Abstract/Details

Mocking Hitler: Nazi speech & humour in contemporary German culture

Orich, Annika. 
 University of Calgary (Canada) ProQuest Dissertations Publishing,  2009. MR51133.

Abstract (summary)

Mocking Hitler is by now an integral part of Germany's contemporary culture of remembrance. Germans ridicule their former leader and his fellow myrmidons in jokes, films, comics, plays, cabaret, and anti-neo-Nazi satire. Yet, instead of making fun of the historic individual, Germans generally deride Hitler's (self-)portrayal as the Führer and his mythological afterlife as the incarnation of absolute evil – a perception that is embodied by representations of Hitler the orator and Nazi speeches in general. On the basis of different examples of humour about Nazi speechmaking, this thesis identifies the reasons and functions that ridicule plays in Germans' coming to terms with the Nazi past as well as its problematic and beneficial implications. While humour, on the one hand, demythologizes and exposes Hitler, it serves Germans, on the other hand, as a medium to normalize the memory of Hitler and to distance themselves from their perpetrator past.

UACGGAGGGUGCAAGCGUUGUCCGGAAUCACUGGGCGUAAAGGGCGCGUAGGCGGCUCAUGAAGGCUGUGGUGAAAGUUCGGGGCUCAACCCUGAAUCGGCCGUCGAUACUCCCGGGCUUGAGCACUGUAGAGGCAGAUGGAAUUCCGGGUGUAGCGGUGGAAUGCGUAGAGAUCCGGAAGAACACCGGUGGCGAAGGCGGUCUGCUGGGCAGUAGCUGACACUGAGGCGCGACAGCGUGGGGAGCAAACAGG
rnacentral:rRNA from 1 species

Indexing (details)


Subject
Germanic literature
Classification
0311: Germanic literature
Identifier / keyword
Language, literature and linguistics
Title
Mocking Hitler: Nazi speech & humour in contemporary German culture
Author
Orich, Annika
Number of pages
116
Degree date
2009
School code
0026
Source
MAI 48/01M, Masters Abstracts International
Place of publication
Ann Arbor
Country of publication
United States
ISBN
978-0-494-51133-6
University/institution
University of Calgary (Canada)
University location
Canada
Degree
M.A.
Source type
Dissertation or Thesis
Language
English
Document type
Dissertation/Thesis
Dissertation/thesis number
MR51133
ProQuest document ID
304841345
Copyright
Database copyright ProQuest LLC; ProQuest does not claim copyright in the individual underlying works.
Document URL
https://www.proquest.com/docview/304841345/fulltextPDF